How can we stop poverty in old age?

His mother wanted him to be a doctor but William Sharpe couldn’t stand the sight of blood. Since education was a family tradition, he decided to become a different kind of doctor. In doing so, he became a leader in an academic field of his own making: financial economics.

Along with his co-laureates Harry Markowitz and Merton Miller, Sharpe is said to be the master of investment. He developed the Capital Asset Pricing Model (CAPM), the first theory to explain why securities have the prices they do and how prices or returns differ from one another. As a passionate and self-taught programmer, he's also created analytical tools that have radically changed financial markets.

William F. Sharpe

The Sveriges Riksbank Prize in Economic Sciences in Memory of Alfred Nobel, 1990

At a glance

Born: 1934, Boston, Massachusetts, USA

Field: Financial economics

Prize-winning work: The general theory for the pricing of financial assets, pioneering contribution to the field of financial economics

Earlier professions: Wedding and sports photographer, assistant at gas station

Fears: Blood

Passions: Sailing, opera, dogs, programming, playing piano

Milk, butter and the Capital Asset Pricing Model

Sharpe’s reputation as a giant in the financial world aside, he's also worked to make economics useful to all parts of society, especially to those less fortunate.

If the average person wonders why milk is more expensive than butter or why the price of milk rises but butter remains the same, you could tell them it’s dependent on the market price of fish. Sharpe analyzed and proved how a shift in one market drives the prices of others. This would become the for the CAPM and single-index model and in 1961, it was ground breaking.

Did a theory define our financial markets?

The CAPM isn't simply a model to be used in grocery stores, it has contributed to the analysis of financial markets and the reason why the Nobel Committee called his work “the backbone of financial economics.”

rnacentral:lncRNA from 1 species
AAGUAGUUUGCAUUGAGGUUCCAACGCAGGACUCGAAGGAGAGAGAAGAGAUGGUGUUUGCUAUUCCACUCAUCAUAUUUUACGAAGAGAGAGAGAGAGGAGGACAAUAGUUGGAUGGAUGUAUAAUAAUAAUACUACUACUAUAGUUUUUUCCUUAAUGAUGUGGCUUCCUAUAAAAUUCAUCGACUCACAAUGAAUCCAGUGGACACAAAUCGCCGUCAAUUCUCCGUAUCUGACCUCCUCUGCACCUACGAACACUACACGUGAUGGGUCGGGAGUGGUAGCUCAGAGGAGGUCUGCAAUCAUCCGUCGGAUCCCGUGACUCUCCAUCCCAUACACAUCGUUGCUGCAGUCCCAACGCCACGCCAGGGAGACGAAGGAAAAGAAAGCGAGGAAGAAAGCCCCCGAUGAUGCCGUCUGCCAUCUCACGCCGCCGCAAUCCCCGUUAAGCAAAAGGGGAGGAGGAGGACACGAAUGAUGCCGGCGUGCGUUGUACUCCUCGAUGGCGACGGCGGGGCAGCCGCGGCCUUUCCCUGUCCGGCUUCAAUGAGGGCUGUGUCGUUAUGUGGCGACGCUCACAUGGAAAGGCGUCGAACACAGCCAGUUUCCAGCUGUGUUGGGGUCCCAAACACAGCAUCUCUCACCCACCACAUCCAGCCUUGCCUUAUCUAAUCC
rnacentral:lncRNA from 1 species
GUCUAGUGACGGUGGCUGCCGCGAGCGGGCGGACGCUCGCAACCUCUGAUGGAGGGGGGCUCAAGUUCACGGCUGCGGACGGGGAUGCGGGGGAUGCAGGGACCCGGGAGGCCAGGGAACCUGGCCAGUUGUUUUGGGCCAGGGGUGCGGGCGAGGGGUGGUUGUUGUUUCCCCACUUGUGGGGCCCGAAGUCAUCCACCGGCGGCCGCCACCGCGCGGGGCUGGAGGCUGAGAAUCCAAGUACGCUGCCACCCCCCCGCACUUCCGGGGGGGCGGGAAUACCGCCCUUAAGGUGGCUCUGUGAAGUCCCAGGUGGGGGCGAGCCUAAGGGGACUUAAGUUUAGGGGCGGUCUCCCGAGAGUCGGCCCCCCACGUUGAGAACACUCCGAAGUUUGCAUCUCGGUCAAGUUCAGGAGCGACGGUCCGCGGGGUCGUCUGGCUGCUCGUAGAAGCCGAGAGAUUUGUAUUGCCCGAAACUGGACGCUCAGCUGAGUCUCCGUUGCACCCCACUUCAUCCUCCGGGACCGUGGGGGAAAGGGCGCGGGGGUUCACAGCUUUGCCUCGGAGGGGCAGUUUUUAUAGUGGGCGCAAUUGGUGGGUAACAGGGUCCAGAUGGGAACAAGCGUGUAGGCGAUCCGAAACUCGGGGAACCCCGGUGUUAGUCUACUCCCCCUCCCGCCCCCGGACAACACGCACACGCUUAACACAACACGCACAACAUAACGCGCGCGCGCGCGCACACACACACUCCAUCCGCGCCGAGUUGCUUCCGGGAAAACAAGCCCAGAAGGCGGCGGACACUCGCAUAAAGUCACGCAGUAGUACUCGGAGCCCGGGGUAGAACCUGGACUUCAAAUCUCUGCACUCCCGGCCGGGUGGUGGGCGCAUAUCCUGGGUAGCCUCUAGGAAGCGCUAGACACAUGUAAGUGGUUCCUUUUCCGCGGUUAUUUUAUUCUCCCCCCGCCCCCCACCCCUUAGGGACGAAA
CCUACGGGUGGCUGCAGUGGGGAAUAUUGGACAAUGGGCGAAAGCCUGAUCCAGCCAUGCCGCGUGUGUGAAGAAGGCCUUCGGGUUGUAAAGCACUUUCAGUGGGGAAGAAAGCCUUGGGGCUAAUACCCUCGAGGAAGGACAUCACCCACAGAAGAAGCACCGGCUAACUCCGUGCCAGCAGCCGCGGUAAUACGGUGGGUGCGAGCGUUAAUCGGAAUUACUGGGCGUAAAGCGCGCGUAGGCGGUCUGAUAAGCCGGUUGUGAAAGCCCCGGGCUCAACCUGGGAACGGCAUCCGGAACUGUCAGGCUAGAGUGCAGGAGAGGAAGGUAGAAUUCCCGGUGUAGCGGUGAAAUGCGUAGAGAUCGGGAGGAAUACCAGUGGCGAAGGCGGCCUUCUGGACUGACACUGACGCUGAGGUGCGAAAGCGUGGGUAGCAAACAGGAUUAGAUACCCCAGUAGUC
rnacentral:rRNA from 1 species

“In equilibrium there are a set of portfolios that are efficient, better than others,” explains Sharpe. “Those portfolios typically involve a combination of what we now call the market portfolio. A broad portfolio including, in principal, all the available securities in proportion to their market values.”

“The best thing to do is to put some or all of your money in that portfolio and the rest or none into something safe like treasury bonds, bills, treasury inflation-protected securities,” he continues. “If you really want to take on risk and get a higher expected return, you might even want to borrow money and invest it all in that market portfolio. The trade-off between expected return and risk will be roughly linear, so if you want more expected return, you’re going to have to take more risk.”

“Bill, following Harry Markowitz, developed the first theory of why securities had the prices they had, and later turned that theory into a general equilibrium,” says Martin Gruber, a professor at New York University’s Stern School of Business. “It's the first theory that explained why and how the prices or returns on securities differ from each other. It changed the whole way the industry works.”

Can software help us avoid poverty in old age?

Flattery like this may come with being a Nobel Laureate, but it doesn't keep him from the grindstone. In his home office, with its little piano and numerous paintings of his beloved dogs, the retiree is still reaching new heights. Today he is an ace at programming, and while his tools may not have changed, the topics have.